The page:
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UCLA Entertainment Law Review

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The Streaming Wars+: An Analysis of Anticompetitive Business Practices in Streaming Business


The recent rise of streaming platforms currently benefits consumers with quality content offerings at free or at relatively low cost.  However, as these companies’ market power expands through vertical integration, current antitrust laws may be insufficient to protect consumers from potential longterm harms, such as increased prices, lower quality and variety of content, or erosion of data privacy.  It is paramount to determining whether streaming services engage in anticompetitive business practices to protect both competition and consumers.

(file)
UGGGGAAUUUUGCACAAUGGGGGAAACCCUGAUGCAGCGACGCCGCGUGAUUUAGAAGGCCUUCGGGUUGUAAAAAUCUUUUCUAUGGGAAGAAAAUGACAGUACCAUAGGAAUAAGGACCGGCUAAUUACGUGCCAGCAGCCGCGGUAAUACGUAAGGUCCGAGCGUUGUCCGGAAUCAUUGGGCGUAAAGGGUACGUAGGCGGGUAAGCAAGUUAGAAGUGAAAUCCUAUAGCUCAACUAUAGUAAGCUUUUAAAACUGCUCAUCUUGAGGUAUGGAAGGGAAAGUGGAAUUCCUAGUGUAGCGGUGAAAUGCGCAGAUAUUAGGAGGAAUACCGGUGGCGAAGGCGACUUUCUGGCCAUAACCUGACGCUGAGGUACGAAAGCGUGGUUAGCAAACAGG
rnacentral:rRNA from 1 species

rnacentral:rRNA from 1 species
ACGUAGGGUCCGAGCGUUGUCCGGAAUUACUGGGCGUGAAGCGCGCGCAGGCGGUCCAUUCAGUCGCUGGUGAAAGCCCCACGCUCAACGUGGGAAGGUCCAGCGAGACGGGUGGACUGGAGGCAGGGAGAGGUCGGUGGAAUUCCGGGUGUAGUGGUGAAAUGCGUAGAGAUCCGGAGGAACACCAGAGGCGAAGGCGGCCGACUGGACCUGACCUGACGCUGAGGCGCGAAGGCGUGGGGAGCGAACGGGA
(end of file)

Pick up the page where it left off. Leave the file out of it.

Though streaming companies do not violate existing antitrust laws because consumers are not presently harmed, this Comment thus explores whether streaming companies are engaging in aggressive business practices with the potential to harm consumers.  The oligopolistic streaming industry is combined with enormous barriers to entry, practices of predatory pricing, imperfect price discrimination, bundling, disfavoring of competitors on their platforms, huge talent buyouts, and nontransparent use of consumer data, which may be reason for concern.  This Comment will examine the history of the entertainment industry and antitrust laws to discern where the current business practices of the streaming companies fit into the antitrust analysis.  This Comment then considers potential solutions to antitrust concerns such as increasing enforcement, reforming the consumer welfare standard, public utility regulation, prophylactic bans on vertical integration, divestiture, and fines.

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